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For those of us outside the US, the Trump entry into the US Presidential race so many months out from the actual election has been entertainment heaven. Sure, he is destroying the fabric of a great nation by bring horrific stereotypes and misinformation to the fore, but sometimes that is the price to pay for…(Read More)

The deal yesterday morning between the Greek PM and the Eurozone Finance ministers is an agreement to reform before talks. By tomorrow evening, the Greek parliament has to accept 4 pieces of legislation on a large range of issues (pensions, labour markets, taxation), after which the other 19 Eurozone countries will start negotiations on another…(Read More)

The Greek referendum and the hype leading up to it have gone exactly according to my script of 8 days ago, where I predicted a resounding ‘no’ vote and a Grexit to stop the bank-run, with the other European politicians too offended and belittled by Tsipras and Varoufakis to organise another bailout. The Grexit…(Read More)

Greece owes the IMF 1.6 billion euro that it doesn’t have but is supposed to pay tomorrow. Unless the ECB lends it to the Greeks, effectively converting the IMF debt into an ECB debt, Greece is bankrupt tomorrow. In months to come, much bigger debt repayments are scheduled to the ECB-IMF in…(Read More)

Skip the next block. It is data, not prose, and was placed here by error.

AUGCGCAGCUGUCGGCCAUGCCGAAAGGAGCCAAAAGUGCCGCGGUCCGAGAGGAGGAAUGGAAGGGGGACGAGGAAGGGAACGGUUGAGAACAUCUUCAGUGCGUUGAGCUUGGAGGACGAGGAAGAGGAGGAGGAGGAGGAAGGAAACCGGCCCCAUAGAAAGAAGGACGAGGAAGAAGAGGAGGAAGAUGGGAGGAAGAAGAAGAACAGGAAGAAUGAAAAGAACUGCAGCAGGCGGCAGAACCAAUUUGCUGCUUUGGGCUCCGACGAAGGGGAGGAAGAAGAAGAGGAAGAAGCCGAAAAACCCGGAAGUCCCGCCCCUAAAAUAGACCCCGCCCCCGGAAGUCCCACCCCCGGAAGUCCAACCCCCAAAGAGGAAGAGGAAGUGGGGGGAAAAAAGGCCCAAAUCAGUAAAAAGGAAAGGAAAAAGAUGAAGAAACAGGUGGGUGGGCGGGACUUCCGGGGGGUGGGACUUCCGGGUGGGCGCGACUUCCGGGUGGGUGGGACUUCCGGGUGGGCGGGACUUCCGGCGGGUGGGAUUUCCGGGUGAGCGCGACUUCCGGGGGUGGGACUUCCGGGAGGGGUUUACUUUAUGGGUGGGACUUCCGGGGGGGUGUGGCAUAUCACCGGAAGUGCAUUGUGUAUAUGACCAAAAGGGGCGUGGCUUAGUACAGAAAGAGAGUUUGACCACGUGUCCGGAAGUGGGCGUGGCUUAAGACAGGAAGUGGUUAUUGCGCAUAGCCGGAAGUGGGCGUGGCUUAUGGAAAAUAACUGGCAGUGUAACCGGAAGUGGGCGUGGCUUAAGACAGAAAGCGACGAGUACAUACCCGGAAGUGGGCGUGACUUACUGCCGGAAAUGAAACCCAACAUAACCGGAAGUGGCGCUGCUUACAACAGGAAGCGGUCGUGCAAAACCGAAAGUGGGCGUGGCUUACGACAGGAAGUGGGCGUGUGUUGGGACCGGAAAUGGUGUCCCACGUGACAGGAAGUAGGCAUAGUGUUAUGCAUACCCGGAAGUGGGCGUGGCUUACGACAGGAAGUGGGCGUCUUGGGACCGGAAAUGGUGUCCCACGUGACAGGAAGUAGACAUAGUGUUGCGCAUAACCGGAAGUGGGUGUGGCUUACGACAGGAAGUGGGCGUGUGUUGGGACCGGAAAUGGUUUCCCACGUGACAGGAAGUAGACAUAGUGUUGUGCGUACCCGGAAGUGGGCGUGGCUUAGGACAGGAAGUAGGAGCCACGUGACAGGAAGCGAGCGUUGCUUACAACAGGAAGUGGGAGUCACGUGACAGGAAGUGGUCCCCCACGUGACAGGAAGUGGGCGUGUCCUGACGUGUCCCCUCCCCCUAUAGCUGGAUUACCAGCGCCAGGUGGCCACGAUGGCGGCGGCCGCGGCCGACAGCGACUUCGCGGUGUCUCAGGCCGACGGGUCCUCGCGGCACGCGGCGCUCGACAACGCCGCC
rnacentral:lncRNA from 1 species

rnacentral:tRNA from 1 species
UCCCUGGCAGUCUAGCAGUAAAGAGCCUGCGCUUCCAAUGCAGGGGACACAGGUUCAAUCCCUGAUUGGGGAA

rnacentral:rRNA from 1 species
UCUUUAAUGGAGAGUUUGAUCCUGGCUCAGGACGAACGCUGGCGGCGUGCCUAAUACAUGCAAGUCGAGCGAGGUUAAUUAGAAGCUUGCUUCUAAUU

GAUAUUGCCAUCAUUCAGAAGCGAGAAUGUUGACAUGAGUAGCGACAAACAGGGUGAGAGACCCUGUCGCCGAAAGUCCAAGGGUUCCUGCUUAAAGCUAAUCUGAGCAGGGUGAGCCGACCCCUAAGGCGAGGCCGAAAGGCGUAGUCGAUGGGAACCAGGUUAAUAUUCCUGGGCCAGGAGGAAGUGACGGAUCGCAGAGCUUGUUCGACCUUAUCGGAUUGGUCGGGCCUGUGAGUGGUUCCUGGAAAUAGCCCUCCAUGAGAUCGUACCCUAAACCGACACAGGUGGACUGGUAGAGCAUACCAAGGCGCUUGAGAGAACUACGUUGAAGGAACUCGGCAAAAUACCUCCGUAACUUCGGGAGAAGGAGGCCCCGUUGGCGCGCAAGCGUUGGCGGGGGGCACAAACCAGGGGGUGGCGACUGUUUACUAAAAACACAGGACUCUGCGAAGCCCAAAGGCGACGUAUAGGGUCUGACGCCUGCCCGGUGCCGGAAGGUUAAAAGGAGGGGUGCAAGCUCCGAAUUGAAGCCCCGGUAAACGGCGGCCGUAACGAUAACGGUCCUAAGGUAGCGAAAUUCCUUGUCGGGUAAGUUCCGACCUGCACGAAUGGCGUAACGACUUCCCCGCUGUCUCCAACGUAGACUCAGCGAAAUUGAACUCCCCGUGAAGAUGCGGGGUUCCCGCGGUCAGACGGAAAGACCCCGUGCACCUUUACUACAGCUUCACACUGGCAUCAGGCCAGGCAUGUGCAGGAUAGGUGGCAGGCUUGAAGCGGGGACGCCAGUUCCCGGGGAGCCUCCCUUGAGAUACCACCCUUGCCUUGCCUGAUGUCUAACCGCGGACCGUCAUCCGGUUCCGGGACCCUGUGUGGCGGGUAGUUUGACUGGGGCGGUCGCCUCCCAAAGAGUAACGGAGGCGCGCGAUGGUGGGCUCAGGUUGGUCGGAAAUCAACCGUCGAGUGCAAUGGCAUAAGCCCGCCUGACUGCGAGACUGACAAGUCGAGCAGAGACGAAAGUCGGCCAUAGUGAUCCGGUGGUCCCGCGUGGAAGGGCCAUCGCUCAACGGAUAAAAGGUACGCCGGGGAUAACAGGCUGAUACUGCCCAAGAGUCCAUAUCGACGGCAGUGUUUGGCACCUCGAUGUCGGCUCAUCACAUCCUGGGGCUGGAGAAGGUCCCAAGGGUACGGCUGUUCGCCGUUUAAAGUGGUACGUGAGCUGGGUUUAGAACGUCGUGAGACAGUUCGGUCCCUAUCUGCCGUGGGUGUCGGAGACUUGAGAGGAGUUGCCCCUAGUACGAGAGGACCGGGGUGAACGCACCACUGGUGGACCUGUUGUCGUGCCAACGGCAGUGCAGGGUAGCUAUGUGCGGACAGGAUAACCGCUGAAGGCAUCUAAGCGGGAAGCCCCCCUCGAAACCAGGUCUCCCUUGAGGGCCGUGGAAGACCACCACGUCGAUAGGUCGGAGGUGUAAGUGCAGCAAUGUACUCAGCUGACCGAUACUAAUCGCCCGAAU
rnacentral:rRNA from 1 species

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The traditional textbook model of competition in an oligopoly goes likes this. Firms choose prices and other variables (like product quality, advertising and R&D) to maximise their own profits and disregard the impact of their actions on (a) competing firms and (b) consumers; although with the latter since they want them to buy…(Read More)

Over the last 15-20 years academic school meetings have gone from rambling and unstructured brawls to dull “executive infomercials”. The former led to marathon meetings. The current model has led to a middle-management culture that often does not take advantage of the very valuable specialists skills of talented, highly trained (and experienced) scholars…(Read More)